Tuesday, August 30, 2016

Yield Search: Park Your Money In Parking Lots

What hath Fed wrought.

I know the business can be profitable. In New York/New Jersey the Gottesman clan has parlayed their parking lot biz into four or five billion and in Britain Donald Gosling scored a knighthood and lends his yacht to the Queen (no freebie for Charles however, we noted in 2008 that Sir Donald charged HRH for a charter)
Still however, it is not the easiest business to be really good at.

From Penta:
In the search for higher yield, alternative assets like infrastructure and real estate are drawing ever more scrutiny. But Todd Briddell, CEO and CIO of CenterSquare, the real asset management arm of BNY Mellon, says real estate investors should, at this point in the cycle, consider the most overlooked property assets, such as parking lots.

They are, Briddell says, a sweet addition to the property portfolio that can help maximize returns, particularly when the lots are sold down-the-line. Those actively investing in parking-lot properties, either directly or via funds, can make returns in the 12% to 18% range.

How so? Many companies have outgrown the office parking lots that were originally cut out for them, causing parking demand to increase dramatically, Briddell says. “It used to be enough to have 3.5 to 4 parking spaces per 1,000 square feet on average to accommodate the number of tenants expected to park in a building. But now, the requirement has doubled—and most parking structures haven’t caught up.”

That’s an opportunity, and a few real-estate moguls and quick-witted investors are reshaping and renovating parking lots for more effective uses. Briddell says, keep an eye out for suburban properties needing parking-lot improvements. He found, for example, a building in the outskirts of Dallas, Texas, which was overflowing with call center employees. They desperately needed more parking spots. Briddell noticed an adjacent warehouse that was unused, bought it through CenterSquare’s fund,  and converted it into a parking lot, offering to double the parking available to the call center’s employees. With the renovation of the warehouse, he was able to sell an interest and secure a 12-year lease with the company running the call center. That handsomely benefited the CenterSquare clients who had invested in the fund.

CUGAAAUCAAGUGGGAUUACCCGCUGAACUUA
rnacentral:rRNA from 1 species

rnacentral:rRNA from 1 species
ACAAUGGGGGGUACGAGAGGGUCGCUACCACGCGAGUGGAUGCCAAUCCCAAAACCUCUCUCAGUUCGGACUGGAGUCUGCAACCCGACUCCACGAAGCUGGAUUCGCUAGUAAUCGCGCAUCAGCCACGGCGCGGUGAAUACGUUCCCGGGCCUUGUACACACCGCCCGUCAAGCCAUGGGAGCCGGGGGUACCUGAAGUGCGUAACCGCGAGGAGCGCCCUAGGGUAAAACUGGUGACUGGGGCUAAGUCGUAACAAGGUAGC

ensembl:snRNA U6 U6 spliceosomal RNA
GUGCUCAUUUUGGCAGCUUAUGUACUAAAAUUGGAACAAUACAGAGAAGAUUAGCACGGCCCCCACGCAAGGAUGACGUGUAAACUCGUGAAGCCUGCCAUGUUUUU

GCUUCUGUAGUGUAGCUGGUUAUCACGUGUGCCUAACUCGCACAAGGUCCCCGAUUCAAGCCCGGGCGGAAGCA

The opposite thing happened in Harbor Island, Fla., where a former call center slowly became an upscale business hub with top-notch law firms and consulting services. As a result, “hundreds of parking spaces were available in our building,” says Briddell. He started scouting for better use of the space. Briddell discovered a development going up in the neighborhood—zoned for multifamily residents—that could benefit from the available parking spots. He told the residential developers he could dedicate hundreds of parking spots to residents of the new building and offered to build a bridge connecting the two buildings. In the end, both sides won: the developers didn’t have to construct a parking lot of their own, and Briddell ultimately sold them his parking-lot property for $10 million more than what he acquired it for.

No surprise, then, that some wealth management firms are jumping in on the parking-lot trend or other such plays, and that includes Tishman Speyer/Citigroup Alternative Investments Real Estate Venture funds and J.P. Morgan Asset Management’s array or U.S. value-added real estate strategies funds....MORE